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Next semester? This is the first semester of the year and the 2nd week of school

Most colleges haven't started yet, ergo, "next semester" hasn't begun.

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Next semester? This is the first semester of the year and the 2nd week of school

You've already started school? I around the middle of summer vacation. tongue.gif

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Yeah but I got out the 20th of May. I wish I had a few more days at least because then I could get rid of this cold.

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School? Sucks. University? Sucks. College? Sucks.

 

Secondary just happens to suck less than primary.

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Starting my second year as a Animal Husbandry student. Actually kinda looking forward to going; everything is very different from high school and I like it.

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School? Sucks. University? Sucks. College? Sucks.

 

Secondary just happens to suck less than primary.

Well that's a rather depressing attitude towards education.

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Well I really like school because I find everything relatively easy but I don't like learning about History. All the people are dead anyway so why'd we have to learn about them? And even worse than History is algebra. I seriously don't get WHY wee need to learn about that. Why do we need to substitute numbers for letters? The whole concept is just really stupid if you ask me.

But other than that everything else is ok.

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Well I really like school because I find everything relatively easy but I don't like learning about History. All the people are dead anyway so why'd we have to learn about them? And even worse than History is algebra. I seriously don't get WHY wee need to learn about that. Why do we need to substitute numbers for letters? The whole concept is just really stupid if you ask me.

But other than that everything else is ok.

Because historic situations led to what we're dealing with today. And algebra is a lot more than that, and a lot more than just substituting numbers for letters.

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History can definitely be boring to study, but we would continue to make the same mistakes if we didn't have our history to teach us what's the right way and the wrong way! Like starting a war probably isn't the best idea >.>

 

And algebra is awesome! Okay, I'm a total nerd, but still, really, algebra is great. It really helps the way you think and learn, in my opinion. Plus it's always handy to know what 2+2 is. biggrin.gif

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I still don't like them even if they do help us dry.gif

It's one thing to not like a subject and another to whine about why it should be studied or not. One is preference, the other is ignorance. I don't really like math but obviously it should be studied, for a great many reasons.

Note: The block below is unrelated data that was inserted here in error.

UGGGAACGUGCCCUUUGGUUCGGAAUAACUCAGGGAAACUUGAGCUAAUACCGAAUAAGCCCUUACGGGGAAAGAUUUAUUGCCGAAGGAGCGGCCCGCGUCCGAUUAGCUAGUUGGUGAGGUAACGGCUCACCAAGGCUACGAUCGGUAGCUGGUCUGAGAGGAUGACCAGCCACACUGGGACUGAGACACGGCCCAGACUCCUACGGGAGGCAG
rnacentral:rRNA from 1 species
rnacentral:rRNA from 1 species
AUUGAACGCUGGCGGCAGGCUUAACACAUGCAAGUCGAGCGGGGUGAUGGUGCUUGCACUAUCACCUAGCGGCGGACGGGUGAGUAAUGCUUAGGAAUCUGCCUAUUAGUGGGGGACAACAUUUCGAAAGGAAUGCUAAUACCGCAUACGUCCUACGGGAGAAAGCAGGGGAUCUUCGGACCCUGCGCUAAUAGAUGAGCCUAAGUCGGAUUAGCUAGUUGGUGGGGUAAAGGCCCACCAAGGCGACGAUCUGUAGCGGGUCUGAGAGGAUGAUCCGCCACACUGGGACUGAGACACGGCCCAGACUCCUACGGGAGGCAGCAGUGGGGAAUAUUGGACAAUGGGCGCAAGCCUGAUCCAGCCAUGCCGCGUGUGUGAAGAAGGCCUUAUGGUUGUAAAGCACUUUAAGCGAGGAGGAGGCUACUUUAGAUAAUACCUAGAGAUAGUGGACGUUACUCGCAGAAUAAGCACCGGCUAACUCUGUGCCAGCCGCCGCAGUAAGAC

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Well I really like school because I find everything relatively easy but I don't like learning about History. All the people are dead anyway so why'd we have to learn about them? And even worse than History is algebra. I seriously don't get WHY wee need to learn about that. Why do we need to substitute numbers for letters? The whole concept is just really stupid if you ask me.

But other than that everything else is ok.

For one, it's a great blessing to be able to learn about history with the freedom we're afforded in the modern era. We lowly everyday non-historians have access to source documents and original records like never before thanks to the internet. Academic history is like a big detective novel. Historians are taking the best extant evidence, personal accounts, secondhand accounts, art, tombs, literature, and they're piecing together what happened before our time. If that's not cool, I don't know what is.

 

Besides the fact that historical discovery is exciting and rewarding, the culture you live in doesn't exist in a vacuum. If you live in a western nation, your culture is probably strongly influenced by the philosophy of the Enlightenment, so it's pretty handy to learn about the Enlightenment and what the philosophes thought and taught so that you can better understand your own culture. That's just a tiny, broad example really, because there's a million things other than the Enlightenment that play into why your culture is the way it is. Have you never looked around at what people in your community are doing and wondered "why do we do X," or "why is X the way it is?" On a small scale, it can be as simple as wondering why your city was located where it currently sits, or as big as why the USA South as a whole is economically deficient when compared to the North. I suppose I can understand that some people just aren't all that interested in history, but it certainly seems like you should understand why there's value in teaching it and learning it.

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Well I really like school because I find everything relatively easy but I don't like learning about History. All the people are dead anyway so why'd we have to learn about them?

History is constantly repeating itself. If you don't learn about the mistakes of the past, how would you know how to avoid them in the future?

 

And even worse than History is algebra. I seriously don't get WHY we need to learn about that. Why do we need to substitute numbers for letters? The whole concept is just really stupid if you ask me.

Oh ho ho. The simple answer is that it is impossible or very difficult to describe many mathematical concepts using numbers or words alone, so we use algebra express them.

 

A simple example: Say you have a repeating pattern of numbers.

Numbers in pattern 'a': 1, 2, 3, 4, 5, 6...